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Clarke Historical Library

September 2017

Welcome Back!

Classes officially began August 25. Although campus parking fills up, Clarke researchers can always request a visitor parking pass, either from the library or from campus parking services. The Clarke is open Monday to Friday from 9 am to 5 pm. In October and November, we will also be open on Saturdays from 9 am to 12 noon.

During the week before the first class, new students interested in campus leadership roles participated in Leadership Safari, a skill building and academic success program hosted by the University since 1996. This year Clarke Archivist for University Digital Records Bryan Whitledge and Reference Librarian John Fierst (pictured with his group the Anteaters) both participated as mentors.

Coming Soon: CMU 125th Anniversary

As CMU prepares to celebrate its 125th anniversary, Clarke Historical Library will soon install a new exhibition telling the story of CMU's long history. The official opening is September 13. On that date at 7:00 pm, Professor Jay Martin and Assistant Professor Brittany Bayless Fremion will speak about the University, drawing from their extensive CMU oral history project. A reception in the Clarke galleries follows their presentation.

Manuscript Collection Acquired: Michigan PBB Incident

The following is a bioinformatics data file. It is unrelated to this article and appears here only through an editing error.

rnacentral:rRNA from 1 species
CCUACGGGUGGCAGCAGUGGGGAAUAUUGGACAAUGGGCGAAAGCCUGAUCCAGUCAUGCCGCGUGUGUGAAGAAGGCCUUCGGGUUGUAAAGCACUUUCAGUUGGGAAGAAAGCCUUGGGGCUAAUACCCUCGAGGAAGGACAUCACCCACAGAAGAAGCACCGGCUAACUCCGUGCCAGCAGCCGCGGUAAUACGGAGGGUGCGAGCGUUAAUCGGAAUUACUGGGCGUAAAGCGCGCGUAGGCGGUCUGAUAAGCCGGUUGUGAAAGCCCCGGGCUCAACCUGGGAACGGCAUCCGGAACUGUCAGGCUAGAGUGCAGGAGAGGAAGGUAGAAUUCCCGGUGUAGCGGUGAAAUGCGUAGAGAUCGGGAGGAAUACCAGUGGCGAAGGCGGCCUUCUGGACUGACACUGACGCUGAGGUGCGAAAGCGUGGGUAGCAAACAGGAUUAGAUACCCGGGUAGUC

The Library recently acquired an important manuscript collection documenting Michigan's PBB incident. In 1973, there was a mix-up between cattle feed and the industrial chemical PBB. This introduced PBB to Michigan's food system, with serious immediate and long term consequences. The collection donor Alpha Clark is a McBain, Michigan veterinarian who was involved in the exposure of the incident. Clarke Reference Librarian John Fierst met with Dr. Clark at his clinic (pictured) to facilitate the transfer of materials. The collection is now safely housed at the Clarke. Though not yet processed, it is available for researchers. The PBB incident is the subject of a book by Joyce Egginton, The Poisoning of Michigan. It's available at both the Clarke and CMU's Park Library.

Papers Support Hemingway Collection

Correspondence recalling Ernest Hemingway's friendship with Marjorie Bump Main is now on deposit at the Clarke. Following Hemingway's death in 1961, Donald St. John began to research persons who the author knew personally and he discovered Marjorie Bump Main. She became a good friend to Hemingway in late 1919. The correspondence consists of 208 letters from 1965-1974, with Hemingway the focus in the years 1966-1967. Photographs of Main and her husband were also received. The collection will be processed soon.

Fall Speaker Series Announced

This fall, the Clarke Historical Library will sponsor five free events to which students, faculty, staff, and the public are invited to attend. Each program will begin at 7:00 p.m. in the Park Library Auditorium. Each will be followed by a reception in the Clarke Historical Library.

Speaker Series ? September 13: Celebrating CMU?s 125th Anniversary